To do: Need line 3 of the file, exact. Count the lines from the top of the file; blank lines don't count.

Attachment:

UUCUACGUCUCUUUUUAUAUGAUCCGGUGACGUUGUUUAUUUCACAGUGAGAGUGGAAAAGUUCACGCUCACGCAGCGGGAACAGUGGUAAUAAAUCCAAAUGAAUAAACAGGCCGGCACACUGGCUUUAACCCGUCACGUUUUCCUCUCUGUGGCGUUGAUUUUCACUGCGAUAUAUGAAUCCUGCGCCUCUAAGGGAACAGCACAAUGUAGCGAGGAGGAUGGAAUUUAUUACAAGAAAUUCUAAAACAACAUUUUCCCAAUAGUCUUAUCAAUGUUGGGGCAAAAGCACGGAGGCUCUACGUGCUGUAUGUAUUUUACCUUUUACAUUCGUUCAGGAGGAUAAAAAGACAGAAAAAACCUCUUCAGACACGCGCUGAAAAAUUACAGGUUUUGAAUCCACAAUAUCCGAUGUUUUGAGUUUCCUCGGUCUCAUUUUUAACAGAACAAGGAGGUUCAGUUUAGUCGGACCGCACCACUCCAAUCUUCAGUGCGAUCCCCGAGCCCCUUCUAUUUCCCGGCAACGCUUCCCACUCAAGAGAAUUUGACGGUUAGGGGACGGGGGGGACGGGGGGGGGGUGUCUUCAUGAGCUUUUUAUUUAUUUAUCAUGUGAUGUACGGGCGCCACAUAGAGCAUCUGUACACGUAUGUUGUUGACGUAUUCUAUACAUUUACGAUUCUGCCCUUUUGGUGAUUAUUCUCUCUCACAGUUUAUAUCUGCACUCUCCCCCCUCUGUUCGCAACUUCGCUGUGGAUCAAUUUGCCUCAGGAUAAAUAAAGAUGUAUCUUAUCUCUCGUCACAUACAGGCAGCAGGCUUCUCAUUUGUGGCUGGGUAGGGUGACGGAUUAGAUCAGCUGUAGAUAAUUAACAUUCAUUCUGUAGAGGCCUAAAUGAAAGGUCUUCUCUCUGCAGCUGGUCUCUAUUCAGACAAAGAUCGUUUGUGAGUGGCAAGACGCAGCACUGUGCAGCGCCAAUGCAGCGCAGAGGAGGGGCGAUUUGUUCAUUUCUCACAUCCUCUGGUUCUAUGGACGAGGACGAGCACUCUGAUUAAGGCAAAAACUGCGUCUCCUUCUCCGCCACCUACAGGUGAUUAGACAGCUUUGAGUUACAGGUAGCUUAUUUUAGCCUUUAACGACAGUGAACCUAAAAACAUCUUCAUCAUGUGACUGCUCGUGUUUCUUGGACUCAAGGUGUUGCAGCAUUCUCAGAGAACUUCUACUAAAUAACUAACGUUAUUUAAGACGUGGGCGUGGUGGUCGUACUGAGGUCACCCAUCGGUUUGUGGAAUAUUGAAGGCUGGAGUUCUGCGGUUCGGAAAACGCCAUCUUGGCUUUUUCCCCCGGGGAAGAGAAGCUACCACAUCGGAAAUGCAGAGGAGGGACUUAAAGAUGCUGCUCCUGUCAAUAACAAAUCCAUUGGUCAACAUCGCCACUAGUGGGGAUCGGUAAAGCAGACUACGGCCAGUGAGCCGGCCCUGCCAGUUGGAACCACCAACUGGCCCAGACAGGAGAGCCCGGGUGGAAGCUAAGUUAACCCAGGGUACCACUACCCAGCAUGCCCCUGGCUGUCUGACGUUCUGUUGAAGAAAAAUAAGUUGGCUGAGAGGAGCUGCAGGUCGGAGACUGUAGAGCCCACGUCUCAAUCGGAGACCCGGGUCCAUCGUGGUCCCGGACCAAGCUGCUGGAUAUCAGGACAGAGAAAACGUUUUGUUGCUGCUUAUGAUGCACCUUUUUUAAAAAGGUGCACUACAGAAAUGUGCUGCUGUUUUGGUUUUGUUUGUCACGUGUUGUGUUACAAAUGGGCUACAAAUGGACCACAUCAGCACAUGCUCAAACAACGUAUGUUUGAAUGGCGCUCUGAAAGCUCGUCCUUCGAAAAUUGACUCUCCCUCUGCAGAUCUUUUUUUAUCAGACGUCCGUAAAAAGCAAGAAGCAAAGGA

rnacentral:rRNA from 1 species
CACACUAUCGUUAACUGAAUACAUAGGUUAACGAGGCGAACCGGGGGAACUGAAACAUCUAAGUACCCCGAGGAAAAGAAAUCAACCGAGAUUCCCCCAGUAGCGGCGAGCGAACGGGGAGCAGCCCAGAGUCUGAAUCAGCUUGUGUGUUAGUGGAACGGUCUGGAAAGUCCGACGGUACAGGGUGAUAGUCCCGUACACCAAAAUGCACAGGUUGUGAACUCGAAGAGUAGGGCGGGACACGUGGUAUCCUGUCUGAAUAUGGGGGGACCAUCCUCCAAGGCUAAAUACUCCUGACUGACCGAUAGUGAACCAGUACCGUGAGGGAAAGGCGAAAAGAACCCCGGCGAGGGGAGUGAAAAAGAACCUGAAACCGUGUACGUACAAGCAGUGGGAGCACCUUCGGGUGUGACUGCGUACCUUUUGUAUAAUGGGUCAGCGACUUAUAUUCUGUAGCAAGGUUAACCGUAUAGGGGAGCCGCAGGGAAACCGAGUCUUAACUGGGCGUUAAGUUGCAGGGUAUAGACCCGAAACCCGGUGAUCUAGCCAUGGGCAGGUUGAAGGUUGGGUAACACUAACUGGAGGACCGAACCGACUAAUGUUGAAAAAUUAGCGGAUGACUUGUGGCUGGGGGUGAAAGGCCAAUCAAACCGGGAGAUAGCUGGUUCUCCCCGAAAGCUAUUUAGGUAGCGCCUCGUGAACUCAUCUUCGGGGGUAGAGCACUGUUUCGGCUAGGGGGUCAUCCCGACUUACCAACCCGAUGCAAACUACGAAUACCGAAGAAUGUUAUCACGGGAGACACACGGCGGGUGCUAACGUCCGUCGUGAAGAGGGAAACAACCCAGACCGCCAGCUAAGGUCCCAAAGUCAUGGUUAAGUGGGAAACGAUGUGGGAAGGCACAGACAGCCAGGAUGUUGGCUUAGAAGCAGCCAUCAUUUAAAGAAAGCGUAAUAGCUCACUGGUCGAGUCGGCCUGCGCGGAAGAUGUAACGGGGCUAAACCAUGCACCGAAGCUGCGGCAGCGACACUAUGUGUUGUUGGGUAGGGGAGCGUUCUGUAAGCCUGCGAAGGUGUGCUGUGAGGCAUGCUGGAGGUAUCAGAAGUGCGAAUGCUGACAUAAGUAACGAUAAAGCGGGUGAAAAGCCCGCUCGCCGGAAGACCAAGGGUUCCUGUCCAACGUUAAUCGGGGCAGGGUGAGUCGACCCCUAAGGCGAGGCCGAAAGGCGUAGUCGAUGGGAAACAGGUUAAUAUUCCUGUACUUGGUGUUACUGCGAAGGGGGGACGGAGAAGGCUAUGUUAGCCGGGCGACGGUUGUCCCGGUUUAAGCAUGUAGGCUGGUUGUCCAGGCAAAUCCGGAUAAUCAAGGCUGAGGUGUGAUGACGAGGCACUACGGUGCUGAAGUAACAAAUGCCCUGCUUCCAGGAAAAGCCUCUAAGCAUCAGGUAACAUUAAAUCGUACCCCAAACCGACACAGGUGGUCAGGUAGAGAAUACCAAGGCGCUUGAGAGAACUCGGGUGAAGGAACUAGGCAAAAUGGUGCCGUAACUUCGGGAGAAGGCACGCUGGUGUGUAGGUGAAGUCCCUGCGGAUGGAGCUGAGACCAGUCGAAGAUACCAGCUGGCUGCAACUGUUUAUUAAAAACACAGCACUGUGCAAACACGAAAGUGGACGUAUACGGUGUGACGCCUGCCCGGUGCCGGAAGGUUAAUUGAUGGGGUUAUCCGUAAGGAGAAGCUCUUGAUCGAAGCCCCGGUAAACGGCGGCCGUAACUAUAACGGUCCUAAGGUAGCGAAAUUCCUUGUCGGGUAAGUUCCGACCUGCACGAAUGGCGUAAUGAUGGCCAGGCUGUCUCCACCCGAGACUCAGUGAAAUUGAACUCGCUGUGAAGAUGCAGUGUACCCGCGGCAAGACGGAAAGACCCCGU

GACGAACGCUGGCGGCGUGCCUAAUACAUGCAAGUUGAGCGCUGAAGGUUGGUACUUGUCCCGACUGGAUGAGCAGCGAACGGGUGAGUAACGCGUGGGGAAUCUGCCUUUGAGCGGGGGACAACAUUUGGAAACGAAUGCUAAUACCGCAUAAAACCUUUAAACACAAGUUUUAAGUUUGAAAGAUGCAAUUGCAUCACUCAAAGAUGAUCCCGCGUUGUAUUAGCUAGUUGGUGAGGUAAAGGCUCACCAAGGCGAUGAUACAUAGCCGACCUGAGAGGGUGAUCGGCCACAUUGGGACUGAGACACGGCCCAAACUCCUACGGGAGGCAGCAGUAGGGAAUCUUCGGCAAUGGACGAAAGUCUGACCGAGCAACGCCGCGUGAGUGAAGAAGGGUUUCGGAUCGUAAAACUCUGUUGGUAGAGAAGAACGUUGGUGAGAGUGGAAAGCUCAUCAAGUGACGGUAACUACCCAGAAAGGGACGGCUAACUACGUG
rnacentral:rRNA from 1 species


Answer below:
CACACUAUCGUUAACUGAAUACAUAGGUUAACGAGGCGAACCGGGGGAACUGAAACAUCUAAGUACCCCGAGGAAAAGAAAUCAACCGAGAUUCCCCCAGUAGCGGCGAGCGAACGGGGAGCAGCCCAGAGUCUGAAUCAGCUUGUGUGUUAGUGGAACGGUCUGGAAAGUCCGACGGUACAGGGUGAUAGUCCCGUACACCAAAAUGCACAGGUUGUGAACUCGAAGAGUAGGGCGGGACACGUGGUAUCCUGUCUGAAUAUGGGGGGACCAUCCUCCAAGGCUAAAUACUCCUGACUGACCGAUAGUGAACCAGUACCGUGAGGGAAAGGCGAAAAGAACCCCGGCGAGGGGAGUGAAAAAGAACCUGAAACCGUGUACGUACAAGCAGUGGGAGCACCUUCGGGUGUGACUGCGUACCUUUUGUAUAAUGGGUCAGCGACUUAUAUUCUGUAGCAAGGUUAACCGUAUAGGGGAGCCGCAGGGAAACCGAGUCUUAACUGGGCGUUAAGUUGCAGGGUAUAGACCCGAAACCCGGUGAUCUAGCCAUGGGCAGGUUGAAGGUUGGGUAACACUAACUGGAGGACCGAACCGACUAAUGUUGAAAAAUUAGCGGAUGACUUGUGGCUGGGGGUGAAAGGCCAAUCAAACCGGGAGAUAGCUGGUUCUCCCCGAAAGCUAUUUAGGUAGCGCCUCGUGAACUCAUCUUCGGGGGUAGAGCACUGUUUCGGCUAGGGGGUCAUCCCGACUUACCAACCCGAUGCAAACUACGAAUACCGAAGAAUGUUAUCACGGGAGACACACGGCGGGUGCUAACGUCCGUCGUGAAGAGGGAAACAACCCAGACCGCCAGCUAAGGUCCCAAAGUCAUGGUUAAGUGGGAAACGAUGUGGGAAGGCACAGACAGCCAGGAUGUUGGCUUAGAAGCAGCCAUCAUUUAAAGAAAGCGUAAUAGCUCACUGGUCGAGUCGGCCUGCGCGGAAGAUGUAACGGGGCUAAACCAUGCACCGAAGCUGCGGCAGCGACACUAUGUGUUGUUGGGUAGGGGAGCGUUCUGUAAGCCUGCGAAGGUGUGCUGUGAGGCAUGCUGGAGGUAUCAGAAGUGCGAAUGCUGACAUAAGUAACGAUAAAGCGGGUGAAAAGCCCGCUCGCCGGAAGACCAAGGGUUCCUGUCCAACGUUAAUCGGGGCAGGGUGAGUCGACCCCUAAGGCGAGGCCGAAAGGCGUAGUCGAUGGGAAACAGGUUAAUAUUCCUGUACUUGGUGUUACUGCGAAGGGGGGACGGAGAAGGCUAUGUUAGCCGGGCGACGGUUGUCCCGGUUUAAGCAUGUAGGCUGGUUGUCCAGGCAAAUCCGGAUAAUCAAGGCUGAGGUGUGAUGACGAGGCACUACGGUGCUGAAGUAACAAAUGCCCUGCUUCCAGGAAAAGCCUCUAAGCAUCAGGUAACAUUAAAUCGUACCCCAAACCGACACAGGUGGUCAGGUAGAGAAUACCAAGGCGCUUGAGAGAACUCGGGUGAAGGAACUAGGCAAAAUGGUGCCGUAACUUCGGGAGAAGGCACGCUGGUGUGUAGGUGAAGUCCCUGCGGAUGGAGCUGAGACCAGUCGAAGAUACCAGCUGGCUGCAACUGUUUAUUAAAAACACAGCACUGUGCAAACACGAAAGUGGACGUAUACGGUGUGACGCCUGCCCGGUGCCGGAAGGUUAAUUGAUGGGGUUAUCCGUAAGGAGAAGCUCUUGAUCGAAGCCCCGGUAAACGGCGGCCGUAACUAUAACGGUCCUAAGGUAGCGAAAUUCCUUGUCGGGUAAGUUCCGACCUGCACGAAUGGCGUAAUGAUGGCCAGGCUGUCUCCACCCGAGACUCAGUGAAAUUGAACUCGCUGUGAAGAUGCAGUGUACCCGCGGCAAGACGGAAAGACCCCGU